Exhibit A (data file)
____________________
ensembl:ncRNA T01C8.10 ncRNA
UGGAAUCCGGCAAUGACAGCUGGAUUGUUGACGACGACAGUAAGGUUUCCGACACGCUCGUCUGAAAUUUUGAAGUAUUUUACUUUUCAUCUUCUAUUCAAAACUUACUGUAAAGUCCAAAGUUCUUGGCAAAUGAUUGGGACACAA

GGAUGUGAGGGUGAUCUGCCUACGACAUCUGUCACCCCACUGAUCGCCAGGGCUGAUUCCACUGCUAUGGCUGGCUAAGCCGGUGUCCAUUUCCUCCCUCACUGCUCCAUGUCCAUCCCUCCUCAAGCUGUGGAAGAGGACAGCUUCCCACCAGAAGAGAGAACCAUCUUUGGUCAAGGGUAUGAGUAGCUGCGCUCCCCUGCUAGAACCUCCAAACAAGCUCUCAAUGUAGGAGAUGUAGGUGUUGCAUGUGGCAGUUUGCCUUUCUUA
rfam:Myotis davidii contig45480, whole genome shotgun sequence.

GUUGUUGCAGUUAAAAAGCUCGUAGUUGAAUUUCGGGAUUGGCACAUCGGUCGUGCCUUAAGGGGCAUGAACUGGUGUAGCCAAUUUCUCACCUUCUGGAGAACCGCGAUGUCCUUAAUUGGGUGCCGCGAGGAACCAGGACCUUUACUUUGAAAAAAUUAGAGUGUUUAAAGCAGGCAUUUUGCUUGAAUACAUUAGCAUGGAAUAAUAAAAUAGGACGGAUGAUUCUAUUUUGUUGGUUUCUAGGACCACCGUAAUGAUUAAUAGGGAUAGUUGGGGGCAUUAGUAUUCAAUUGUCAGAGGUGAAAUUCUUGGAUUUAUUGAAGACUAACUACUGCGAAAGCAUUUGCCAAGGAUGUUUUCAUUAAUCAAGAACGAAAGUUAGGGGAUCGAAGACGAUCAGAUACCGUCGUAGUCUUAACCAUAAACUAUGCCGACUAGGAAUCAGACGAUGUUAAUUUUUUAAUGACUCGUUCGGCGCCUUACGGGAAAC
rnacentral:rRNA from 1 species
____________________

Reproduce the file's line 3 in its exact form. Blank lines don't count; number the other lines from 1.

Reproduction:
GGAUGUGAGGGUGAUCUGCCUACGACAUCUGUCACCCCACUGAUCGCCAGGGCUGAUUCCACUGCUAUGGCUGGCUAAGCCGGUGUCCAUUUCCUCCCUCACUGCUCCAUGUCCAUCCCUCCUCAAGCUGUGGAAGAGGACAGCUUCCCACCAGAAGAGAGAACCAUCUUUGGUCAAGGGUAUGAGUAGCUGCGCUCCCCUGCUAGAACCUCCAAACAAGCUCUCAAUGUAGGAGAUGUAGGUGUUGCAUGUGGCAGUUUGCCUUUCUUA